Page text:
Tuesday, June 18, 2013

A little bit about smog

I suppose the first question to answer is: What exactly is smog?

Smog is a fairly general term which refers to forms of air pollution in which atmospheric visibility is hindered by a mist of solid and/or liquid particulates. The name stems from the modest combination of the words “smoke” and “fog”- not the most creative name in the world, but it does the job! Encompassed in the broad definition of smog, we can categorise two main types “Classical Smog” also known as ”London Smog” and “Photochemical Smog” or “Los Angeles Smog”

Classical Smog (Top Photo):

This type of smog is so named as it is associated with a traditional fuel source: coal. It is categorised by a high concentration of unburned carbon soot as well as high levels of sulphur dioxide (SO2). SO2 is a reducing agent and the precursor of the formation of a weak acid – which makes the overall chemical properties of this smog slightly acidic. Where the climate is humid, the carbon particles can serve as bases for the condensation of water droplets forming an irritating fog. Classical fog is sometimes referred to a London smog as during the 19th Century industrialised areas, like London, suffered greatly from this phenomenon. As late as 1952 in London a severe smog lasting several weeks led to the death of more than 4000 persons, mainly accredited to acute aggravation of underlying respiratory problems. As technology and legislation have progressed, classical smog has been eradicated for the most part in London and elsewhere. However, there are still present day examples where coal burning industry is still booming.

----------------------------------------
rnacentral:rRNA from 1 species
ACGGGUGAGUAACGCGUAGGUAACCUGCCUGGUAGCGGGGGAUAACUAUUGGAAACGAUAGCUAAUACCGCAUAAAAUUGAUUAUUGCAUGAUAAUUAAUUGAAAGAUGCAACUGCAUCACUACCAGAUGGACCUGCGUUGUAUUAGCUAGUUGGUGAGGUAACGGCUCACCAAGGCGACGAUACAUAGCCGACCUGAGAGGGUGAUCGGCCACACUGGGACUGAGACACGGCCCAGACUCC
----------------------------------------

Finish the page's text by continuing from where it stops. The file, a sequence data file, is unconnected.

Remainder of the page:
Photochemical Smog (Bottom Photo):

Unlike classical smog, photochemical smog is attributed to emissions from petroleum combustion, primarily from motor vehicles. These emissions cause a sequence of chemical and photochemical reactions which occur under specific conditions. Photochemical smog is essentially a 21st Century problem, resulting from the presence of unburned hydrocarbons (HC’s) and nitrogen oxides (NOx), both of which are the result of internal combustion engines. For this type of smog to occur, there needs to be certain climatic conditions- some of the reactions are thermal and require a warm atmosphere while others require sunlight- so this type of smog is most prevalent in warm climates, like LA. Here, the warm dry weather can also cause dust from the ground to become airborne. The combinations of the gaseous and particulate pollutants forms a uniquely characteristics haze. In contrast to the classical variety, photochemical smog is increasing worldwide.

Photos found here: http://chemwiki.ucdavis.edu/@api/deki/files/6346/=la-smog.jpg

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